The NASDAQ has suffered its worst loss since 2020

The NASDAQ has suffered its worst loss since 2020

Sectors on Wall Street finished broadly lower on Tuesday, led down by steep drops in Big Tech stocks, which sent the NASDAQ to its lowest level since September 2020. Investors are busy analyzing the latest round of corporate earnings, with some of the country’s largest corporations reporting results this week. Earnings growth has been one of the market’s cornerstones, but the reports haven’t alleviated investors’ concerns about growing inflation, interest rate hikes, and the potential impact of pandemic-related lockdowns in China on global economic development.

To 4,175.20, the S&P 500 index slid 120.92 points, or 2.8 percent. 95 percent of the equities on the benchmark index lost ground on the day. The Dow Jones Industrial Average dropped 809.28 points on Monday. The NASDAQ, which is heavily weighted in technology, took the brunt of the day’s losses. It dropped 514.11 points, or 4%, to 12,490.74. That’s the lowest it’s been since September 8, 2020. Investors have shunned the ultra-expensive tech sector, which had achieved astronomical profits for much of the decade, and the index is now down 20% this year. With the Federal Reserve poised to hike interest rates rapidly as part of its fight against inflation, traders are becoming less willing to put up with the exorbitant prices paid for Microsoft, Facebook’s parent firm, and other digital behemoths.

Microsoft’s stock dropped 3.7 percent. After posting results that fell short of analysts’ expectations, Alphabet, Google’s parent company, slumped 3.6 percent in regular trading and another 6% in after-hours trading. This week will see several prominent tech companies report profits, including Facebook parent company Meta on Wednesday and Apple on Thursday.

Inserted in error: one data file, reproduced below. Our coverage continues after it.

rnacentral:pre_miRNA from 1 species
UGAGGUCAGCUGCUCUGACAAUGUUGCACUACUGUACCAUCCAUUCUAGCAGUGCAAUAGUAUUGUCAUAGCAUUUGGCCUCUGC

Concerns that Tesla CEO Elon Musk will be distracted and less interested in operating the electric vehicle maker when he buys social media startup Twitter, which plummeted 3.9 percent, sent the stock down 12.2 percent. Retailers and other businesses that rely on direct consumer spending also saw their stock prices plummet. GM was down 4.5 percent, while Nike was down 5.8 percent. After alerting investors that inflation and other pressures are dragging on its earnings forecast for the year, General Electric slumped 10.3 percent, one of the biggest drops in the market.

Bond yields have dropped. The 10-year Treasury yield dipped to 2.73 percent on Tuesday from 2.82 percent late Monday. Energy businesses were the only one of the 11 S&P 500 sectors to gain ground. The price of benchmark crude oil in the United States increased by 3.2 percent. Stocks have been on unstable ground in April after surging in the second half of March. The S&P 500 has dropped for three weeks in a row. “It’s the market becoming more at ease with a slowdown at best and recessionary fears at worst,” said Ross Mayfield, a Baird investment strategy analyst.

The stock market has been tumultuous in recent days as Wall Street assesses how China’s stringent lockdown measures to combat COVID-19 will affect the global economy, particularly lowering demand in the world’s second-largest economy. While Wall Street is still focused on the Federal Reserve’s intention to raise its benchmark interest rates this year, it could force a resetting of expectations. “The market has grown accustomed to the Fed to some level, but when you add on demand destruction in China, it’s a little too much for the market to bear,” Mayfield explained.

For the rest of the week, Wall Street will be focused on profits from industrial and retail sectors, in addition to technology companies. Boeing will release its financial results on Wednesday. On Thursday, industrial behemoth Caterpillar, as well as McDonald’s and Amazon, will release their earnings. Investors are scrutinizing the newest set of corporate report cards to learn more about how different industries are dealing with growing inflation, which has forced many businesses to hike prices. The findings will also reveal how customers are reacting to rising prices on everything from food to apparel to fuel.